Pulse: A Stomp Odyssey (2002)
Regardless of the differences in where we live or how we look, all human beings share the experience of rhythm and music. 'Pulse: a Stomp Odyssey' takes us on a world tour of music, rhythm and dance. From the sound of a Native American drum echoing off the canyon walls of New Mexico to the thunderous Kodo drum in Japan, from the percussion of the South African Gumboot Dancers to the grace of Eva la Yerbabuena's flamenco dance, 'Pulse' takes us on a journey of 10 thousand miles and five continents, weaving a story of cultural history told in the universal language of music, rhythm and dance. 'Pulse' transforms our vision to see musical instruments in everyday objects such as trash cans, bicycles and metal pipes. 'Pulse' enables us to hear music in everyday sounds like a passing train, traffic or a chattering bird. … More
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Critic Reviews for Pulse: A Stomp Odyssey
Stomp veteran Keith Middleton acts as master of ceremonies, his gigantic close-ups suggesting a tap-dancing genie freed from his lamp.
It's a brave attempt to tap into the heartbeat of the world, a salute to the universal language of rhythm and a zippy sampling of sounds.
The soundtrack alone -- the literal pulse of the thing -- will rock you in your seat.
The diversity of the artists represented, both in terms of style and ethnicity, prevents the proceedings from feeling repetitious, as does the appropriately brief 40-minute running time.
The camera soars above the globe in dazzling panoramic shots that make the most of the large-screen format, before swooping down on a string of exotic locales, scooping the whole world up in a joyous communal festival of rhythm.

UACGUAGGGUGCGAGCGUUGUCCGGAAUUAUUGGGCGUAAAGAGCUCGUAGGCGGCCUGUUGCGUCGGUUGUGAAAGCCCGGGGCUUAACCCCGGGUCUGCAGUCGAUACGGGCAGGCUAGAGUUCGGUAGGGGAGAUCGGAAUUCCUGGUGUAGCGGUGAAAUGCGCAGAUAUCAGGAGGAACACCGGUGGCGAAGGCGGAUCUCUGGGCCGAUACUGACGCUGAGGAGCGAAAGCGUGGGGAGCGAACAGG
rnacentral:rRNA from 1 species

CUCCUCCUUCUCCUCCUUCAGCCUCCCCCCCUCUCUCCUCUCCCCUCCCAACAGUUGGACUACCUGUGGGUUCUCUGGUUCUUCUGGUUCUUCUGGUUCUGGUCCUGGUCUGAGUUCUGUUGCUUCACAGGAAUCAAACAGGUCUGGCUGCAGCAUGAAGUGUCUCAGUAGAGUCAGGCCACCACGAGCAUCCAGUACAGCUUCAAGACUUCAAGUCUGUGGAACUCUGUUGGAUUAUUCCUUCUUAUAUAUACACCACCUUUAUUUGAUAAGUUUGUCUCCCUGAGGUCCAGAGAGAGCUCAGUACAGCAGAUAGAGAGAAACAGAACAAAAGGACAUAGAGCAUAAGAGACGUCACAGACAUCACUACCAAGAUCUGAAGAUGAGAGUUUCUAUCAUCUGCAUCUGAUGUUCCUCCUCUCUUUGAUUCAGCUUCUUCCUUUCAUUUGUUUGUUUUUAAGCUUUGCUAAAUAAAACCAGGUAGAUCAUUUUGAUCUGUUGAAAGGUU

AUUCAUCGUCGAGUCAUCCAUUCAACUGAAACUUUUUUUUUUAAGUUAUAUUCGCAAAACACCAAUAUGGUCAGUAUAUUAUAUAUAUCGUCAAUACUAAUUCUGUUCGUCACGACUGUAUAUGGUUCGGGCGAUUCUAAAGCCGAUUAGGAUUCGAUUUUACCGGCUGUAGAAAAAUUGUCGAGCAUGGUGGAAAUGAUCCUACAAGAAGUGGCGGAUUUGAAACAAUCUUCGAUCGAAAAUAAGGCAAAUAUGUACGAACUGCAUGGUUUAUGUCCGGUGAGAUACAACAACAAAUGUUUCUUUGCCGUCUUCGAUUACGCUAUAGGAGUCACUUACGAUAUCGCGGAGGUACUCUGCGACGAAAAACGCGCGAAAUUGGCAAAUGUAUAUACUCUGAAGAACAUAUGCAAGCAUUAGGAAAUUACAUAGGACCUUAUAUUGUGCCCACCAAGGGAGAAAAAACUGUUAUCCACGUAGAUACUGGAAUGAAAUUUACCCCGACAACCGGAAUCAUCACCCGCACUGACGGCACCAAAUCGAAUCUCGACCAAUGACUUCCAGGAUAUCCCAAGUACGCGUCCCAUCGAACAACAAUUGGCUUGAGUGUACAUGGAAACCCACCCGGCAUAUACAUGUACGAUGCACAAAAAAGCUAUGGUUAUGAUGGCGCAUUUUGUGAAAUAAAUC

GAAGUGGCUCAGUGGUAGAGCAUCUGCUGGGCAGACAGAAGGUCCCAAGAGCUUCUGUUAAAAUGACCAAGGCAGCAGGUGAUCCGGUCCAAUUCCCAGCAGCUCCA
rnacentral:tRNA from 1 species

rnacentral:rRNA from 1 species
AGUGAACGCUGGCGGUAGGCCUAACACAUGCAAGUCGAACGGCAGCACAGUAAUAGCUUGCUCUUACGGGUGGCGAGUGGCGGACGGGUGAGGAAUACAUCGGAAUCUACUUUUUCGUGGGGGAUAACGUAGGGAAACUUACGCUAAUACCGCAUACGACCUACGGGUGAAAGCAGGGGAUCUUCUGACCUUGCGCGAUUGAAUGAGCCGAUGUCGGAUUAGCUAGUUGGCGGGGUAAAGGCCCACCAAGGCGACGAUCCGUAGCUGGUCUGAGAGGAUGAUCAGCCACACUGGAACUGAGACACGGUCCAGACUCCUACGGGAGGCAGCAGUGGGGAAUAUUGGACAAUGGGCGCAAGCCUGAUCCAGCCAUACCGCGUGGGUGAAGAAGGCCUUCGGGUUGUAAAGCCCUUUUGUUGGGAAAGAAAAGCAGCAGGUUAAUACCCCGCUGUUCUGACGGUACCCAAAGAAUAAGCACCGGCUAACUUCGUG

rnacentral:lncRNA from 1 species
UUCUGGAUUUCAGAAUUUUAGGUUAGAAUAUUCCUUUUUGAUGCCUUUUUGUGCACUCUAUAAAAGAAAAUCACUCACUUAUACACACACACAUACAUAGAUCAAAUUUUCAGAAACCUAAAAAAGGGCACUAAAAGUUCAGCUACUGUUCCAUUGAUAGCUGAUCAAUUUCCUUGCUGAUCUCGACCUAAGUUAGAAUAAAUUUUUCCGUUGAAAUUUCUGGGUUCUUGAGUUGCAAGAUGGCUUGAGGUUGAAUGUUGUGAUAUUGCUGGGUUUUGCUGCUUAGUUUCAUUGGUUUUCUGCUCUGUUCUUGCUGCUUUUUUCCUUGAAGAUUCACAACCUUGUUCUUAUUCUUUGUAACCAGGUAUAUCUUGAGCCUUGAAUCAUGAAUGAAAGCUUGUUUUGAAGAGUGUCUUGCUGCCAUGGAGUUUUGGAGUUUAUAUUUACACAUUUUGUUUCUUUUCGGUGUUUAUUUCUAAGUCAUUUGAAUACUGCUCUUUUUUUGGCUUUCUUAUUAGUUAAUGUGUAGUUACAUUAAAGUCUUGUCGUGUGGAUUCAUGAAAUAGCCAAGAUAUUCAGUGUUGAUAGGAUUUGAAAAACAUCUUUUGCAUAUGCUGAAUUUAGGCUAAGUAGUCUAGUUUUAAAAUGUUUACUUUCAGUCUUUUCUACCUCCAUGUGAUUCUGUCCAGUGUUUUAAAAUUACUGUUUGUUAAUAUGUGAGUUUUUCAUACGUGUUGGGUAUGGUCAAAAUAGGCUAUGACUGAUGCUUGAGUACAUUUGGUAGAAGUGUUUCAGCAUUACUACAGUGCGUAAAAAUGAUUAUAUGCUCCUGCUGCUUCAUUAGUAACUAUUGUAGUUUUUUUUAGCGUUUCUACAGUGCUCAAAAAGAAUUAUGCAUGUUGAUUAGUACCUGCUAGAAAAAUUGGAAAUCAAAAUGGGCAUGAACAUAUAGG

Most of the performers are amateurs. They practice their art for the love of it, and it's easy to love them for it.
As soon as it's over you're tempted to buy another ticket and watch it all over again.
A colorful, vibrant introduction to a universal human impulse, lushly photographed and beautifully recorded.
Even if you've seen "Stomp" (the stage show), you still have to see this!
The film is impressive for the sights and sounds of the wondrous beats the world has to offer.
The large-format film is well suited to capture these musicians in full regalia and the incredible IMAX sound system lets you feel the beat down to your toes.
Though of particular interest to students and enthusiast of international dance and world music, the film is designed to make viewers of all ages, cultural backgrounds and rhythmic ability want to get up and dance.
Audience Reviews for Pulse: A Stomp Odyssey
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